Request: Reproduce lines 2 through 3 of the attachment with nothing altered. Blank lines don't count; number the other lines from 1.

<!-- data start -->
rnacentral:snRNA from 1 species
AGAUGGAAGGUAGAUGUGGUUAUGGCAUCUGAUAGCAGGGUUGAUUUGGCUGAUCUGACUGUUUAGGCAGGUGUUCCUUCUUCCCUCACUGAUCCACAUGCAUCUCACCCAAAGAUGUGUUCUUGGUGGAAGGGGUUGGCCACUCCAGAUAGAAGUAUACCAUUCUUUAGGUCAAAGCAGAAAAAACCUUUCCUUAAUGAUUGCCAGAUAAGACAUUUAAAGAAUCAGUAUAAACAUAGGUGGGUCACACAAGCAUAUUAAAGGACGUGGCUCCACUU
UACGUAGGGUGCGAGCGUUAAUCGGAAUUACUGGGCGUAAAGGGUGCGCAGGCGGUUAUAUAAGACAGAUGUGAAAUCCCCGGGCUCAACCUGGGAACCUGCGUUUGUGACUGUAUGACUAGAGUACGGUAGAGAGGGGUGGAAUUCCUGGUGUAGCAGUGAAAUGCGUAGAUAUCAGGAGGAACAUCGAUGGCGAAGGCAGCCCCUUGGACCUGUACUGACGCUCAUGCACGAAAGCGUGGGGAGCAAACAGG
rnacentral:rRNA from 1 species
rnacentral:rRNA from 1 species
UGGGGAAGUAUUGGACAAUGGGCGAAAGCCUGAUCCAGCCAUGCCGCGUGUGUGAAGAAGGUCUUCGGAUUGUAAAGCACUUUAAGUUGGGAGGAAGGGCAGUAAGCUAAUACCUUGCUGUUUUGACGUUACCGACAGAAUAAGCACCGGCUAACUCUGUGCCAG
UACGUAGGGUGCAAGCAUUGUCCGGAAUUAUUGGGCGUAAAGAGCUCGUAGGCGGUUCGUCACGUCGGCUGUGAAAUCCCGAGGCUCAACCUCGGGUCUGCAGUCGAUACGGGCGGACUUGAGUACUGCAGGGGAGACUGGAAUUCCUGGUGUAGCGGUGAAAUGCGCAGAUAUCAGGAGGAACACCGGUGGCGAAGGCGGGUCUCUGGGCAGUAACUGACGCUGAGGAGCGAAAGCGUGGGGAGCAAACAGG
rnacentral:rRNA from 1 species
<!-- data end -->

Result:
AGAUGGAAGGUAGAUGUGGUUAUGGCAUCUGAUAGCAGGGUUGAUUUGGCUGAUCUGACUGUUUAGGCAGGUGUUCCUUCUUCCCUCACUGAUCCACAUGCAUCUCACCCAAAGAUGUGUUCUUGGUGGAAGGGGUUGGCCACUCCAGAUAGAAGUAUACCAUUCUUUAGGUCAAAGCAGAAAAAACCUUUCCUUAAUGAUUGCCAGAUAAGACAUUUAAAGAAUCAGUAUAAACAUAGGUGGGUCACACAAGCAUAUUAAAGGACGUGGCUCCACUU
UACGUAGGGUGCGAGCGUUAAUCGGAAUUACUGGGCGUAAAGGGUGCGCAGGCGGUUAUAUAAGACAGAUGUGAAAUCCCCGGGCUCAACCUGGGAACCUGCGUUUGUGACUGUAUGACUAGAGUACGGUAGAGAGGGGUGGAAUUCCUGGUGUAGCAGUGAAAUGCGUAGAUAUCAGGAGGAACAUCGAUGGCGAAGGCAGCCCCUUGGACCUGUACUGACGCUCAUGCACGAAAGCGUGGGGAGCAAACAGG